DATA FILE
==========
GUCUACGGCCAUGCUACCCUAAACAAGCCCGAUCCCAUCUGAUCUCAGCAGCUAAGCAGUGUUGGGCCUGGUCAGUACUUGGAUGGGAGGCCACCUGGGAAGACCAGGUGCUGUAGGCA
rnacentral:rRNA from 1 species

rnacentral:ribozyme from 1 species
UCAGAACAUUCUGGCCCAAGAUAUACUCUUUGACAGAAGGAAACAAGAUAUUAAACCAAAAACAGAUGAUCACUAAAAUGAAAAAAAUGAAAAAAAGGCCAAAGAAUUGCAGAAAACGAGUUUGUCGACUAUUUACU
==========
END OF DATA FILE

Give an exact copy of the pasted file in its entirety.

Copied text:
GUCUACGGCCAUGCUACCCUAAACAAGCCCGAUCCCAUCUGAUCUCAGCAGCUAAGCAGUGUUGGGCCUGGUCAGUACUUGGAUGGGAGGCCACCUGGGAAGACCAGGUGCUGUAGGCA
rnacentral:rRNA from 1 species

rnacentral:ribozyme from 1 species
UCAGAACAUUCUGGCCCAAGAUAUACUCUUUGACAGAAGGAAACAAGAUAUUAAACCAAAAACAGAUGAUCACUAAAAUGAAAAAAAUGAAAAAAAGGCCAAAGAAUUGCAGAAAACGAGUUUGUCGACUAUUUACU